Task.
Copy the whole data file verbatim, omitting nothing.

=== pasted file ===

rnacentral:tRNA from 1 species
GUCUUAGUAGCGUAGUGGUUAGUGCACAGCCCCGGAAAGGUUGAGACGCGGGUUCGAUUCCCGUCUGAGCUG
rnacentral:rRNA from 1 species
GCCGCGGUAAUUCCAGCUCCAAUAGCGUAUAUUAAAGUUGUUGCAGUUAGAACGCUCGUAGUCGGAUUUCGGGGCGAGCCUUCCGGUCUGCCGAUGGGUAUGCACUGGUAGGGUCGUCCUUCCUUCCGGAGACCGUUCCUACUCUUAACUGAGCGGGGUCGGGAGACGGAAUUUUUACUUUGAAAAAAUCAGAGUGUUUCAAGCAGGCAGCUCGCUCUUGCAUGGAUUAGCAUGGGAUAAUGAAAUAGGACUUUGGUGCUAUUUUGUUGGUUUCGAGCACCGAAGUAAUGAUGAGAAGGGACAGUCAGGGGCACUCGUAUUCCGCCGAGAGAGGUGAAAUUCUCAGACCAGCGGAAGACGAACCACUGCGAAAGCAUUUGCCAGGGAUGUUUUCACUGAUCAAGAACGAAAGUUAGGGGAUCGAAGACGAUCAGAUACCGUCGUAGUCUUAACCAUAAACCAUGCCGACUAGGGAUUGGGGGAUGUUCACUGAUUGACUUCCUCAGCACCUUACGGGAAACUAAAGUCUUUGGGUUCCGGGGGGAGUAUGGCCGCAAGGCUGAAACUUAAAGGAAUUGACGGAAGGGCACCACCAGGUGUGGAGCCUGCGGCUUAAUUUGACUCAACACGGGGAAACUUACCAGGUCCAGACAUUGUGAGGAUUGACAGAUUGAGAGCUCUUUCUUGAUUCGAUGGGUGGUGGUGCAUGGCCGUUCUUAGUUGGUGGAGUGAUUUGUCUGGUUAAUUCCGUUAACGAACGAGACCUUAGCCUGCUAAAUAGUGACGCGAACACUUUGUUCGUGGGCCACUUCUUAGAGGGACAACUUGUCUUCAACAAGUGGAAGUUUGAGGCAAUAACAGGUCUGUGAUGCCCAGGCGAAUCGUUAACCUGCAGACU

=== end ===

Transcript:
rnacentral:tRNA from 1 species
GUCUUAGUAGCGUAGUGGUUAGUGCACAGCCCCGGAAAGGUUGAGACGCGGGUUCGAUUCCCGUCUGAGCUG
rnacentral:rRNA from 1 species
GCCGCGGUAAUUCCAGCUCCAAUAGCGUAUAUUAAAGUUGUUGCAGUUAGAACGCUCGUAGUCGGAUUUCGGGGCGAGCCUUCCGGUCUGCCGAUGGGUAUGCACUGGUAGGGUCGUCCUUCCUUCCGGAGACCGUUCCUACUCUUAACUGAGCGGGGUCGGGAGACGGAAUUUUUACUUUGAAAAAAUCAGAGUGUUUCAAGCAGGCAGCUCGCUCUUGCAUGGAUUAGCAUGGGAUAAUGAAAUAGGACUUUGGUGCUAUUUUGUUGGUUUCGAGCACCGAAGUAAUGAUGAGAAGGGACAGUCAGGGGCACUCGUAUUCCGCCGAGAGAGGUGAAAUUCUCAGACCAGCGGAAGACGAACCACUGCGAAAGCAUUUGCCAGGGAUGUUUUCACUGAUCAAGAACGAAAGUUAGGGGAUCGAAGACGAUCAGAUACCGUCGUAGUCUUAACCAUAAACCAUGCCGACUAGGGAUUGGGGGAUGUUCACUGAUUGACUUCCUCAGCACCUUACGGGAAACUAAAGUCUUUGGGUUCCGGGGGGAGUAUGGCCGCAAGGCUGAAACUUAAAGGAAUUGACGGAAGGGCACCACCAGGUGUGGAGCCUGCGGCUUAAUUUGACUCAACACGGGGAAACUUACCAGGUCCAGACAUUGUGAGGAUUGACAGAUUGAGAGCUCUUUCUUGAUUCGAUGGGUGGUGGUGCAUGGCCGUUCUUAGUUGGUGGAGUGAUUUGUCUGGUUAAUUCCGUUAACGAACGAGACCUUAGCCUGCUAAAUAGUGACGCGAACACUUUGUUCGUGGGCCACUUCUUAGAGGGACAACUUGUCUUCAACAAGUGGAAGUUUGAGGCAAUAACAGGUCUGUGAUGCCCAGGCGAAUCGUUAACCUGCAGACU